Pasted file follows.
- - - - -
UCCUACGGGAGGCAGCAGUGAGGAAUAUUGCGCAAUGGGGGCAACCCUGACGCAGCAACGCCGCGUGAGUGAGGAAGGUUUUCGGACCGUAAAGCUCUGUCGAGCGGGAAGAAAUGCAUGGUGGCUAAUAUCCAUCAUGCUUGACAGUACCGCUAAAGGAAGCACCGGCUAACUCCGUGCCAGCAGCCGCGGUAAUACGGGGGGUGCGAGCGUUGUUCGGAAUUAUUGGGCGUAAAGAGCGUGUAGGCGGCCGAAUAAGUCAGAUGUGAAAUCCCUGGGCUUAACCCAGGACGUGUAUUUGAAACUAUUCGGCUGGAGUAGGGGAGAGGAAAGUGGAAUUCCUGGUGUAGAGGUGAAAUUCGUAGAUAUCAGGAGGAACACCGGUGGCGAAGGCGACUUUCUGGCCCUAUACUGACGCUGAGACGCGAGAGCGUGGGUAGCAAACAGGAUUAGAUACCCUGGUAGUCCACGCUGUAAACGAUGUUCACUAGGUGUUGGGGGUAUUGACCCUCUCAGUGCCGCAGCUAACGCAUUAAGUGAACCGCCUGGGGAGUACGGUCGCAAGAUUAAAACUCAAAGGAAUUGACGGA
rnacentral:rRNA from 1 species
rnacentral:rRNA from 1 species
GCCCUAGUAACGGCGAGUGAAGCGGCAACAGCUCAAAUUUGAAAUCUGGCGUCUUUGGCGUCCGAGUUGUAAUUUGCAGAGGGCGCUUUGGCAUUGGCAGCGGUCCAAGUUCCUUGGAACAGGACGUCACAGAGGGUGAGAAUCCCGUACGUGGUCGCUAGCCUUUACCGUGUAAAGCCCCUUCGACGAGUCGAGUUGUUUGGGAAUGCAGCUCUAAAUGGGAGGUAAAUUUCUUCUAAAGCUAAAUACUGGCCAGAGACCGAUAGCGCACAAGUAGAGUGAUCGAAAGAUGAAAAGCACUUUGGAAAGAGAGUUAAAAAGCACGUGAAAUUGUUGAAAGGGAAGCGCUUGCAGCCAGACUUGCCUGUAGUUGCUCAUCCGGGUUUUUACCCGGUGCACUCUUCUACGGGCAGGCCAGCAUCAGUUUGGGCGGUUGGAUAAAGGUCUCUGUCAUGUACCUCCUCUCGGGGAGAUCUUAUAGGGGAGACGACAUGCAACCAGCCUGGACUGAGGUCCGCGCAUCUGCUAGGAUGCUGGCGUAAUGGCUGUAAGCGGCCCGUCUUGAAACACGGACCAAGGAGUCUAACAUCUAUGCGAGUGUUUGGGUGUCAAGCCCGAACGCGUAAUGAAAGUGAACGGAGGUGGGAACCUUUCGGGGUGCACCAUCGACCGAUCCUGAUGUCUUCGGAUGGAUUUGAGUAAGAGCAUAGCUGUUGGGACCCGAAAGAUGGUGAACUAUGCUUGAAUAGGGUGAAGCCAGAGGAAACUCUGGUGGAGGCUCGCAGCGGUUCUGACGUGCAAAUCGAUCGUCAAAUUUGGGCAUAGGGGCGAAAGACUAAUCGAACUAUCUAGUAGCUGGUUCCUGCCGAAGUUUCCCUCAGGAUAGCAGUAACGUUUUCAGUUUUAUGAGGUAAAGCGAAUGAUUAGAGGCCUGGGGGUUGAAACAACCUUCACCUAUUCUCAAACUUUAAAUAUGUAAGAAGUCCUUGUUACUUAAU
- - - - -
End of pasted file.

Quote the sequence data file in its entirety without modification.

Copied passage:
UCCUACGGGAGGCAGCAGUGAGGAAUAUUGCGCAAUGGGGGCAACCCUGACGCAGCAACGCCGCGUGAGUGAGGAAGGUUUUCGGACCGUAAAGCUCUGUCGAGCGGGAAGAAAUGCAUGGUGGCUAAUAUCCAUCAUGCUUGACAGUACCGCUAAAGGAAGCACCGGCUAACUCCGUGCCAGCAGCCGCGGUAAUACGGGGGGUGCGAGCGUUGUUCGGAAUUAUUGGGCGUAAAGAGCGUGUAGGCGGCCGAAUAAGUCAGAUGUGAAAUCCCUGGGCUUAACCCAGGACGUGUAUUUGAAACUAUUCGGCUGGAGUAGGGGAGAGGAAAGUGGAAUUCCUGGUGUAGAGGUGAAAUUCGUAGAUAUCAGGAGGAACACCGGUGGCGAAGGCGACUUUCUGGCCCUAUACUGACGCUGAGACGCGAGAGCGUGGGUAGCAAACAGGAUUAGAUACCCUGGUAGUCCACGCUGUAAACGAUGUUCACUAGGUGUUGGGGGUAUUGACCCUCUCAGUGCCGCAGCUAACGCAUUAAGUGAACCGCCUGGGGAGUACGGUCGCAAGAUUAAAACUCAAAGGAAUUGACGGA
rnacentral:rRNA from 1 species
rnacentral:rRNA from 1 species
GCCCUAGUAACGGCGAGUGAAGCGGCAACAGCUCAAAUUUGAAAUCUGGCGUCUUUGGCGUCCGAGUUGUAAUUUGCAGAGGGCGCUUUGGCAUUGGCAGCGGUCCAAGUUCCUUGGAACAGGACGUCACAGAGGGUGAGAAUCCCGUACGUGGUCGCUAGCCUUUACCGUGUAAAGCCCCUUCGACGAGUCGAGUUGUUUGGGAAUGCAGCUCUAAAUGGGAGGUAAAUUUCUUCUAAAGCUAAAUACUGGCCAGAGACCGAUAGCGCACAAGUAGAGUGAUCGAAAGAUGAAAAGCACUUUGGAAAGAGAGUUAAAAAGCACGUGAAAUUGUUGAAAGGGAAGCGCUUGCAGCCAGACUUGCCUGUAGUUGCUCAUCCGGGUUUUUACCCGGUGCACUCUUCUACGGGCAGGCCAGCAUCAGUUUGGGCGGUUGGAUAAAGGUCUCUGUCAUGUACCUCCUCUCGGGGAGAUCUUAUAGGGGAGACGACAUGCAACCAGCCUGGACUGAGGUCCGCGCAUCUGCUAGGAUGCUGGCGUAAUGGCUGUAAGCGGCCCGUCUUGAAACACGGACCAAGGAGUCUAACAUCUAUGCGAGUGUUUGGGUGUCAAGCCCGAACGCGUAAUGAAAGUGAACGGAGGUGGGAACCUUUCGGGGUGCACCAUCGACCGAUCCUGAUGUCUUCGGAUGGAUUUGAGUAAGAGCAUAGCUGUUGGGACCCGAAAGAUGGUGAACUAUGCUUGAAUAGGGUGAAGCCAGAGGAAACUCUGGUGGAGGCUCGCAGCGGUUCUGACGUGCAAAUCGAUCGUCAAAUUUGGGCAUAGGGGCGAAAGACUAAUCGAACUAUCUAGUAGCUGGUUCCUGCCGAAGUUUCCCUCAGGAUAGCAGUAACGUUUUCAGUUUUAUGAGGUAAAGCGAAUGAUUAGAGGCCUGGGGGUUGAAACAACCUUCACCUAUUCUCAAACUUUAAAUAUGUAAGAAGUCCUUGUUACUUAAU